This week on the show we have Madeleine Holly-Rosing. Madeleine is the writer and creator of Boston Metaphysical Society and a Kickstarter expert.
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Madeleine solidified her status as a crowdfunding authority with the book Kickstarter for the Independent Creator. Here is a bio from www.bostomemetaphysicalsociety.com:
A TV, feature film and comic book writer, Madeleine is the winner of the Sloan Fellowship for screenwriting, and the Gold Aurora and Bronze Telly for a PSA produced by Women In Film.
She also won numerous awards while completing the UCLA MFA Program in Screenwriting. In addition, Madeleine teaches a Kickstarter class for independent creators at Pulp Fiction Books in Culver City and has published the book, Kickstarter for the Independent Creator.
BOSTON METAPHYSICAL SOCIETY webcomic is the recipient of an HONORABLE MENTION at the 2013 GEEKIE AWARDS and was nominated for BEST COMIC/GRAPHIC NOVEL at the 2014 GEEKIE AWARDS.
The comic has also been nominated for a 2012 Airship Award as well as a 2013, 2014 and a 2015 Steampunk Chronicle Reader’s Choice Award. Her novella, Steampunk Rat, was also nominated for a 2013 Steampunk Chronicle Reader’s Choice Award.
She currently has novelettes, novellas and an anthology (print as well as eBook) based on the BOSTON METAPHYSICAL SOCIETY universe available at all major online retailers. Her goal is to eventually develop a series of novels based in this world.
Formerly a nationally ranked epee fencer, she has competed nationally and internationally. She is an avid reader of steampunk, science fiction, fantasy and historical military fiction. Madeleine lives with her rocket scientist husband, David, and two rescue dogs: Ripley and Bishop.
Madeleine is a big get for me even though you might not know her name. Ever since I started seriously going to cons about three years ago she has been a staple of all my favorite shows. Back before I exhibited myself and the bright shininess and mystic wore off, Madeleine was a bit of a mythical figure to me. Even back then she was building buzz around her book and people were talking about her.
There are two major ways to build a brand. Well, there are actually three. The third one is You are the brand. In the beginning, you and the brand are always synonymous, so I usually discount that as a given. There are two branches from you being the brand: your product can be the brand or your company can be the brand. For me, the company is the brand. Not one title defines Wannabe Press. Wannabe Press defines the titles we carry. However, you can also flip that and it’s equally strong if not better.
Madeleine has chosen the second path with Boston Metaphysical Society. She has chosen a singular product and built her brand around that brand. Because of that, she is as synonymous with Boston Metaphysical as I am with Wannabe Press. And she’s built the brand well. She’s nurtured it, grown it, and even grown beyond it as an expert in the field of crowdfunding.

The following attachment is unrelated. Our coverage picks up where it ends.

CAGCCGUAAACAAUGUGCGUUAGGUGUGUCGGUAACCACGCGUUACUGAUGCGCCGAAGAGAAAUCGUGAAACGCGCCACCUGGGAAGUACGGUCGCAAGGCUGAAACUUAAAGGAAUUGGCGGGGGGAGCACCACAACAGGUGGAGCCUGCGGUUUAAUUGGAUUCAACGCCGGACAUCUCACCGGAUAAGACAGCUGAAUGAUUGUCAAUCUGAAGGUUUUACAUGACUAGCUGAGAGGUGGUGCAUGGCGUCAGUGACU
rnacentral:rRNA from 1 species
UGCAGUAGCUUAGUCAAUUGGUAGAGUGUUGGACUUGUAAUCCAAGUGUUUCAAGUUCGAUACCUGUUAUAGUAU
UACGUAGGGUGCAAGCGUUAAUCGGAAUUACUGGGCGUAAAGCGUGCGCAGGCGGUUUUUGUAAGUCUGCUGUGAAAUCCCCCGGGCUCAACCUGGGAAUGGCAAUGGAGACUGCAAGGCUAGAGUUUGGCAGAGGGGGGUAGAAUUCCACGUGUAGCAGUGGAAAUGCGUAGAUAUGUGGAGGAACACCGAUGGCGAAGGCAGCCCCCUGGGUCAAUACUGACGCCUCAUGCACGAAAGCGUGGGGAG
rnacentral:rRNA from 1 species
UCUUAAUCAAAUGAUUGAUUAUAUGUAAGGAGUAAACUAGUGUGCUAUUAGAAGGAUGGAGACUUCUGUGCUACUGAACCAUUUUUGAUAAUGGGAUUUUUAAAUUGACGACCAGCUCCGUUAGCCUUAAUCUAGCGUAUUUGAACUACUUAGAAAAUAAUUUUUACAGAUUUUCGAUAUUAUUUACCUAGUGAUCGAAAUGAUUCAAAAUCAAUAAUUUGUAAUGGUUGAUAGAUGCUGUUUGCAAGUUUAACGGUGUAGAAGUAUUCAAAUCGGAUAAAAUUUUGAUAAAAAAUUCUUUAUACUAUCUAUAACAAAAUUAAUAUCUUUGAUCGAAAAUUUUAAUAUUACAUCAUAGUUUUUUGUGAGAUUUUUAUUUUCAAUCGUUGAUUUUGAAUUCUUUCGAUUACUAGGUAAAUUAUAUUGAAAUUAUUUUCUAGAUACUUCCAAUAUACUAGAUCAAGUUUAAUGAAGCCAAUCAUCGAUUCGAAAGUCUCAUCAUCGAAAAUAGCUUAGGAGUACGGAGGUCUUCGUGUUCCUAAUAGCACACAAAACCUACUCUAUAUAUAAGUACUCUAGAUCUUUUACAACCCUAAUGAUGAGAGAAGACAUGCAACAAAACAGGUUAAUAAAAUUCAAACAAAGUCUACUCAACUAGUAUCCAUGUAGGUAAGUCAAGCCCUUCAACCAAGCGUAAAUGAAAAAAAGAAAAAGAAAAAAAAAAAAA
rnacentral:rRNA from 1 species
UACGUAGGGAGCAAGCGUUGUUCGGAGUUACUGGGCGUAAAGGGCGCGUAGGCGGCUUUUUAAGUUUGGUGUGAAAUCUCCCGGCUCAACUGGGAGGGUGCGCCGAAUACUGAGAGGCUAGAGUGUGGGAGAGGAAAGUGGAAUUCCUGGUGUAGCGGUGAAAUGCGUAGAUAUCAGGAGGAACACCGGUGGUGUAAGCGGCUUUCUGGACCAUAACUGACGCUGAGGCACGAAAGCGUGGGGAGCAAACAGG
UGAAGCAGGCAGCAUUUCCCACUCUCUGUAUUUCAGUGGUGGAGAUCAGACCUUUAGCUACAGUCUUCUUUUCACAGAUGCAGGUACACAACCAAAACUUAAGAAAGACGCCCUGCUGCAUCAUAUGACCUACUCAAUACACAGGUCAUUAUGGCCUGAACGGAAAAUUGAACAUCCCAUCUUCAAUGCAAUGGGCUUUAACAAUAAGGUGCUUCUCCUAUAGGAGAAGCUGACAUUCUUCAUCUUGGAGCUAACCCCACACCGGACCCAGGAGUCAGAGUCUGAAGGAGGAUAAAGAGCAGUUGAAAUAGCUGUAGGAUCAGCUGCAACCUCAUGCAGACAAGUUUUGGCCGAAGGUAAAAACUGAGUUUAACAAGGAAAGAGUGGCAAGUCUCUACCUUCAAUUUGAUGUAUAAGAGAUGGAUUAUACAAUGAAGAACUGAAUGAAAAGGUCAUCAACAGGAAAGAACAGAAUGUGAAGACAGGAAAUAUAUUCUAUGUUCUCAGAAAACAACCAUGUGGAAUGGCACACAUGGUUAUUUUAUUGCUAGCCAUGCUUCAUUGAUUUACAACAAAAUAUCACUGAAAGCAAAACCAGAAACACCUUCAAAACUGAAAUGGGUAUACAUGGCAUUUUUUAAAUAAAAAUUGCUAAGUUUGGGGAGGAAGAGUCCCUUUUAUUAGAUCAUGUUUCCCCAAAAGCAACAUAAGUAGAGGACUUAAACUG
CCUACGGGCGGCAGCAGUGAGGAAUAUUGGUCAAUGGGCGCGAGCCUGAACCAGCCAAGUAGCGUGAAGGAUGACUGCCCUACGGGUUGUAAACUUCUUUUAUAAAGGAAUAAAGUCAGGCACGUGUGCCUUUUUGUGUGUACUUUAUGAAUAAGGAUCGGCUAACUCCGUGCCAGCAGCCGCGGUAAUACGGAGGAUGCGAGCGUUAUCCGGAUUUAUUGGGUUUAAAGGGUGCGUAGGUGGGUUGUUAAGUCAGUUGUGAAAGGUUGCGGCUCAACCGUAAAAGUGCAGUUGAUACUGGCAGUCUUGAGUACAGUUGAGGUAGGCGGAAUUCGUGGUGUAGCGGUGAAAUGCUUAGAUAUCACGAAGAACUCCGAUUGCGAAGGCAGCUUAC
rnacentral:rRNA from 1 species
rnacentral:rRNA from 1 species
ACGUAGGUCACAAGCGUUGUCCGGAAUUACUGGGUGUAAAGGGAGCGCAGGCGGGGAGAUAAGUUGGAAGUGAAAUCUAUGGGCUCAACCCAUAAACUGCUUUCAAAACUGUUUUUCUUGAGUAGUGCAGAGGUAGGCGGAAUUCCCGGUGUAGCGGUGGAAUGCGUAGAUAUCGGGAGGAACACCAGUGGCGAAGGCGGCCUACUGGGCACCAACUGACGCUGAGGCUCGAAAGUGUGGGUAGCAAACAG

But she wasn’t always an expert, and I love that before Madeleine had a strong brand, she started by doing reviews for our good friends Fanbase Press. Fanbase Press allowed her to learn more about comics, make friends with creators, meet influencers, and have her name linked to comic books well before she had a successful comic book of her own.
This is a great strategy and textbook for people that don’t have a strong brand themselves. If you are developing a product, you need to link yourself with other brands that deal with that product. Reviewing products is one of the easiest ways to start building a name in that space. You don’t have to have a finished product and you can already have bylines linking you to the major players. There are dozens of review sites that are looking for reviewers. I can’t recommend this strategy highly enough.
Once Madeleine had enough content, she launched a Kickstarter to produce the entire graphic novel version of her book. However, that book failed because she was looking for $25,000. She ended up raising a respectable $7,000, but with Kickstarter it’s all or nothing.
So she went back to the drawing board, took a look at her assets, and decided instead of trying for 6 issues she could just go back to Kickstarter for print funds just for issue #3 which she already had in the can. She did, and ended up raising $8,000! That was enough to print issue #4 too!
This is a perfect example of rapidly failing, regrouping, taking stock of your assets and then relaunching with the knowledge you learned. Madeleine talked about how the landscape of Kickstarter changed in 2013. It went from people throwing money at Kickstarter in almost ungodly sums to a more careful platform once people got burned one too many times with not receiving their goods.
She realized this, pivoted, and ended up having a massively successful campaign. We can all learn a thing of two from this, especially the idea that one doesn’t have to launch their dream project first. If you don’t have a big enough fan base to warrant a $25,000 campaign, figure out what you can support and make that. You shouldn’t be doing your dream project first anyway b/c it will never come out as well as you hope.
Madeleine proved her mettle dropping tons of knowledge bombs about Kickstarter, building and audience through cons and social media, and developing a successful brand. You could literally write a case study on how Madeleine built her brand. It’s textbook business strategy for somebody that wants to become a consultant. It was a delight to have her on and I hope you guys love it too.
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